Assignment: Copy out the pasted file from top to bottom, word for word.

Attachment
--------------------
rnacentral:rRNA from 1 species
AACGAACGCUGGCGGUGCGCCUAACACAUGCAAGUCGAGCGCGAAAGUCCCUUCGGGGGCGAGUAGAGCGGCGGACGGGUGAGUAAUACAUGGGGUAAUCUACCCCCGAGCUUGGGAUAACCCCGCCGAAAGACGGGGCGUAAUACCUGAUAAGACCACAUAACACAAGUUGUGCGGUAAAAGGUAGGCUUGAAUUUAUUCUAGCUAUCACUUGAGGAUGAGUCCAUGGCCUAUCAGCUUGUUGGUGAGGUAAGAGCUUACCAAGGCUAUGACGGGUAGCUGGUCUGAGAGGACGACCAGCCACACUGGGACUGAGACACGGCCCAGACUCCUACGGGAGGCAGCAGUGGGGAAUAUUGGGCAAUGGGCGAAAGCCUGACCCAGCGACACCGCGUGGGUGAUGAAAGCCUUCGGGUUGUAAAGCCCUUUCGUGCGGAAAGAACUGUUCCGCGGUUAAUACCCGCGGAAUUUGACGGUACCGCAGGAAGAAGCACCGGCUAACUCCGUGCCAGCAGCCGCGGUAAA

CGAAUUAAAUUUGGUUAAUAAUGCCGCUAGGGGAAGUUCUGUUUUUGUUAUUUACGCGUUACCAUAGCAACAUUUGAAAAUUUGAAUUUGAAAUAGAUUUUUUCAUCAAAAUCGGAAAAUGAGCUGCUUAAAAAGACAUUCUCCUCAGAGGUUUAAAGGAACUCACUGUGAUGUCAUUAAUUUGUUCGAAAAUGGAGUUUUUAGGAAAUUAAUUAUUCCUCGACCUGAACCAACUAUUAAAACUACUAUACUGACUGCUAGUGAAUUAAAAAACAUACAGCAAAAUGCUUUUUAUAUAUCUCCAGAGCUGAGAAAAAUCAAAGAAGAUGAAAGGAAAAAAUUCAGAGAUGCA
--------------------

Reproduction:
rnacentral:rRNA from 1 species
AACGAACGCUGGCGGUGCGCCUAACACAUGCAAGUCGAGCGCGAAAGUCCCUUCGGGGGCGAGUAGAGCGGCGGACGGGUGAGUAAUACAUGGGGUAAUCUACCCCCGAGCUUGGGAUAACCCCGCCGAAAGACGGGGCGUAAUACCUGAUAAGACCACAUAACACAAGUUGUGCGGUAAAAGGUAGGCUUGAAUUUAUUCUAGCUAUCACUUGAGGAUGAGUCCAUGGCCUAUCAGCUUGUUGGUGAGGUAAGAGCUUACCAAGGCUAUGACGGGUAGCUGGUCUGAGAGGACGACCAGCCACACUGGGACUGAGACACGGCCCAGACUCCUACGGGAGGCAGCAGUGGGGAAUAUUGGGCAAUGGGCGAAAGCCUGACCCAGCGACACCGCGUGGGUGAUGAAAGCCUUCGGGUUGUAAAGCCCUUUCGUGCGGAAAGAACUGUUCCGCGGUUAAUACCCGCGGAAUUUGACGGUACCGCAGGAAGAAGCACCGGCUAACUCCGUGCCAGCAGCCGCGGUAAA

CGAAUUAAAUUUGGUUAAUAAUGCCGCUAGGGGAAGUUCUGUUUUUGUUAUUUACGCGUUACCAUAGCAACAUUUGAAAAUUUGAAUUUGAAAUAGAUUUUUUCAUCAAAAUCGGAAAAUGAGCUGCUUAAAAAGACAUUCUCCUCAGAGGUUUAAAGGAACUCACUGUGAUGUCAUUAAUUUGUUCGAAAAUGGAGUUUUUAGGAAAUUAAUUAUUCCUCGACCUGAACCAACUAUUAAAACUACUAUACUGACUGCUAGUGAAUUAAAAAACAUACAGCAAAAUGCUUUUUAUAUAUCUCCAGAGCUGAGAAAAAUCAAAGAAGAUGAAAGGAAAAAAUUCAGAGAUGCA